68 Striated Heron Butorides striatus R LC
69 Indian Pond Heron Ardeola grayii R LC
70 Cinnamon Bittern Ixobrychus cinnamomeus R LC
71 Yellow Bittern Ixobrychus sinensis R LC
72 Black Bittern Dupetor flavicollis R LC
73 Glossy Ibis Plegadis falcinellus PHOENICOPTERIDAE(4) W LC
74 Black Headed Ibis Threskiornis melanocephalus R NT
75 Black Ibis Pseudibis papillosa R LC
76 Eurasian Spoonbill Platalea leucorodia RM LC
77 Painted Stork Myeteria leucocephala CICONIDAE (3) RM NT
78 Asian Openbill Anastomus oscitans W LC
79 Woolly-Necked Stork Ciconia episcopus R VU
80 White Wagtail Motacilla alba PASSERIDAE (5) W LC
81 White-browed Wagtail Motacilla maderaspatensis R LC
82 Citrine Wagtail Motacilla citreola W LC
83 Yellow Wagtail Motacilla flava W LC
84 Paddy-field pipit Anthus rufulus R LC

R– Widespread Resident, W– Widespread Winter Visitor, PV– Passage visitors, RM– Resident Migrant, BM- Breeding Migrant, V– Vagrant or irregular visitors. IUCN’s list of Threatened species (2020), categorized as Least Concerned (LC), Near Threatened (NT) and Vulnerable (VU).

Table 3. Systematic checklist of Wetland associated Avian Fauna  recorded from study area.

Sr. No. Common Name Scientific Name Family ST IUCN Status
1 Grey Francolin Francolinus pondicerianus PHASIANIDAE (5) R LC
2 Common Quil Coturnix coturnix W LC
3 Rain Quail Coturnix coromandelica R LC
4 Painted Bush Quil Turnix suscitator R LC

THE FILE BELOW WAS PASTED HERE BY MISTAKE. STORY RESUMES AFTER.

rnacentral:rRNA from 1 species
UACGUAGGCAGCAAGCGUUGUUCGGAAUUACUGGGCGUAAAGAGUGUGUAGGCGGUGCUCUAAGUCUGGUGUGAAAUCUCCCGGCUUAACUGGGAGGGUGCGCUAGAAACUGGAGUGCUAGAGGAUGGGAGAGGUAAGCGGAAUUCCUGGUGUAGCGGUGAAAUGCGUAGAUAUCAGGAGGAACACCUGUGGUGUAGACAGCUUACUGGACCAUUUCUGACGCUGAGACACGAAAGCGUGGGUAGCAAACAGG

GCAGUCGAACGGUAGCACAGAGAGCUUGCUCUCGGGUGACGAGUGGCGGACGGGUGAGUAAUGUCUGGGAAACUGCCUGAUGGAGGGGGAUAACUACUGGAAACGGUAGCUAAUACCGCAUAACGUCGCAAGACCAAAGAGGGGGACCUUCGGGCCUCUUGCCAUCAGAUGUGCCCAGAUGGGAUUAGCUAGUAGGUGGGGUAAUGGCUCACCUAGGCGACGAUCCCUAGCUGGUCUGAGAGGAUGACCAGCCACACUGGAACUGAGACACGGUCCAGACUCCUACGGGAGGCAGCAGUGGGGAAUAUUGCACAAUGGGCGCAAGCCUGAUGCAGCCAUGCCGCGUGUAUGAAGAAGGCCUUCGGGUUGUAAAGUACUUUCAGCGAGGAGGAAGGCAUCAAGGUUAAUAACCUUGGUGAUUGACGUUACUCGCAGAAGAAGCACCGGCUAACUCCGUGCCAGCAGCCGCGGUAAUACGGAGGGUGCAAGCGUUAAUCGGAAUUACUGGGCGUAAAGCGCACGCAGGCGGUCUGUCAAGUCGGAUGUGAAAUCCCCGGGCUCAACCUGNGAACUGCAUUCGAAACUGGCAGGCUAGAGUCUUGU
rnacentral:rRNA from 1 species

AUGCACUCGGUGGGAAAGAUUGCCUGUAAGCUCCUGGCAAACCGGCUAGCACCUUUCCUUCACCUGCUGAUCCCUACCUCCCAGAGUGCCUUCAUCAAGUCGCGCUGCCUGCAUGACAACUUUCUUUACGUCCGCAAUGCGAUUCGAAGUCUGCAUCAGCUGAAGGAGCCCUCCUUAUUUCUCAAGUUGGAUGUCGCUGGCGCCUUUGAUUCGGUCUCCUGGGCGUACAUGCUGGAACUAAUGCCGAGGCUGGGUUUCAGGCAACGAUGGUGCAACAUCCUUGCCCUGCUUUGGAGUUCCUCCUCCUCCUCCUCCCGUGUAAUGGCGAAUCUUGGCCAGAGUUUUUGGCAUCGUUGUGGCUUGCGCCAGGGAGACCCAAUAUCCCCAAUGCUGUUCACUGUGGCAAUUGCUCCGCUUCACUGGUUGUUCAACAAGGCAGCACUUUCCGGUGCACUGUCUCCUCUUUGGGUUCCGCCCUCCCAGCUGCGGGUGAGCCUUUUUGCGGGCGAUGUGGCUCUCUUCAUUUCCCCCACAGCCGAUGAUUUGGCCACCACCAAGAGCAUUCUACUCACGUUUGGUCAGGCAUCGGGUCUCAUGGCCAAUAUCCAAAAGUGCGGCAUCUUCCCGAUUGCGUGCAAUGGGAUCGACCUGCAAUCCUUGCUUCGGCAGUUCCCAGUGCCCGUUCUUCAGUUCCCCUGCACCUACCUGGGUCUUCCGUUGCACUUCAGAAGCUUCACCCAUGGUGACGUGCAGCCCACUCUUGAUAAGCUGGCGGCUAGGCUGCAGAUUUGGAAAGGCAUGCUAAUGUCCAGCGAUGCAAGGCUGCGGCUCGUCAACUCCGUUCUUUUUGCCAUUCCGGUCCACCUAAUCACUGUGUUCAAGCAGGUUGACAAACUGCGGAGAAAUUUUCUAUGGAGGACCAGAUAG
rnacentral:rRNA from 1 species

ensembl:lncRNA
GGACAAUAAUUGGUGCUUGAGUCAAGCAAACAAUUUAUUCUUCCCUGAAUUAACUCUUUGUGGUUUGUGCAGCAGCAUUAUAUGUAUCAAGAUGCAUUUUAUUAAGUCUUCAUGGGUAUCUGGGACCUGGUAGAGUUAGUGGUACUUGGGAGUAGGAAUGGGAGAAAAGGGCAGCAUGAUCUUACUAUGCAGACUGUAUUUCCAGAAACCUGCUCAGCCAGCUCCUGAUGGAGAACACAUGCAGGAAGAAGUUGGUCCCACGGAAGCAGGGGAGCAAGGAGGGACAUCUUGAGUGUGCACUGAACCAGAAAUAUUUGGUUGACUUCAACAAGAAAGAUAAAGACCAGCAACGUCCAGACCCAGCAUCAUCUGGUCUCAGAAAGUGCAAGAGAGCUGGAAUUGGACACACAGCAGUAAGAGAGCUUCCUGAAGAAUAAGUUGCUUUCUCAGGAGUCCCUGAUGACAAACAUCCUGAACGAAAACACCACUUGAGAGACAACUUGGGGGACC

5 Indian Peafowl Pavo cristatus R LC
6 Yellow-Crowned Woodpecker Dendrocopos mahrattensis PICIDAE(3) R LC
7 Golden-rumped Flameback Dinopium benghalense R LC
8 Common Flame Black Dryocopus javensis R LC
9 Coppersmith Barbet Megalaima haemacephala MEGALAIMIDAE (1) R LC
10 Indian Grey Hornbill Ocyceros birostris BUCEROTIDAE (1) R LC
11 Green Bee-Eater Merops orientalis MEROPIDAE(1) R LC
12 Common Hawk Cuckoo Hierococcy varius CUCULIDAE (2) R LC
13 Asian Koel Eudynamys scolopacea R LC
14 Greater Coucal Centropus (senensis) parroti CENTROPODIDAE (1) R LC
15 Barn Owl Tyto alba TYTONIDAE(1) R LC
16 Spotted Owlet Athene brama STRIGIDAE(2) R LC
17 Eurasian Collared Dove Streptopelia decaocto COLUMBIDAE (4) R LC
18 Red Collared –Dove Streptopelia tranquebarica R LC
19 Spotted Dove Streptopelia chinensis R LC
20 Laughing Dove Streptopelia senegalensis R LC
21 Black-shouldered Kite Elanus caeruleus ACCIPITRIDAE (8) R LC
22 Black Kite Milivus migrans R LC
23 Shikra Accipiter badius R LC
24 Osprey Pandion haliaetus W LC
25 Montagu’s Harrier Circus pygarguss W LC
26 Eurasian Marsh Harrier Circus aeruginosus W LC
27 Pied Harrier Circus melanoleucos W LC
28 Short toed Snake Eagle Circaetus gallicus R LC
29 Common Kestrel Falco tinnunculus FALCONIDAE (1) R LC
30 Bay-backed Shrike Lanius vittatus LANIIDAE (3) R LC
31 Long-tailed Shrike Lanius schach R LC
32 Brown Shrike Lanius cristatus W LC
33 House Crow Corvus splendens CORVIDAE (5) R LC
34 Large Billed (Jungle) Crow Crow Corvus macrorhynchos R LC
35 Common WoodShrike Tephrodomis  pondicerianus R LC
36 Small Minivet Pericrocotus cinnamomeus R LC
37 Black Drongo Dicrurus macrocercus R LC
38 Bluethroat Luscinia svecica MUSCICAPIDAE (5) W LC
39 Orientle Magpie Robin Copsychus saularis R LC
40 Indian Robin Saxicoloides fulicata R LC
41 Common Stonechat Saxicola torquata W LC
42 Pied Bush Chat Saxicola caprata R LC
43 Brahminy Starling Sturnus pagodarum STURNIDAE (4) R LC
44 Rosy Starling Sturnus roseus W LC
45 Asian Pied Starling Sturnus contra R LC
46 Common Myna Acridotheres tristis R LC
47 Dusky Crag Martin Hirundo concolor HIRUNDINIDAE (4) R LC
48 Barn Swallow Hirundo rustica W LC
49 Wire tailed Swallow Hirundo smithii R LC
50 Red Rumped Swallow Hirundo daurica R LC
51 Red vented Bulbul Pycnonotus cafer PYCNONOTIDAE (1) R LC
52 Zitting Cisticola Cisticola juncidis CISTICOLIDAE (4) R LC
53 Jungle Prinia Prinia sylvatica R LC
54 Ashy Prinia Prinia socialis R LC
55 Plain Prinia Prinia inornata R LC
56 Indian Bush Lark Mirafra erythroptera ALAUDIDAE (5) R LC
57 Ashy- Crowned Sparrow Lark Eremopeteri grisea R LC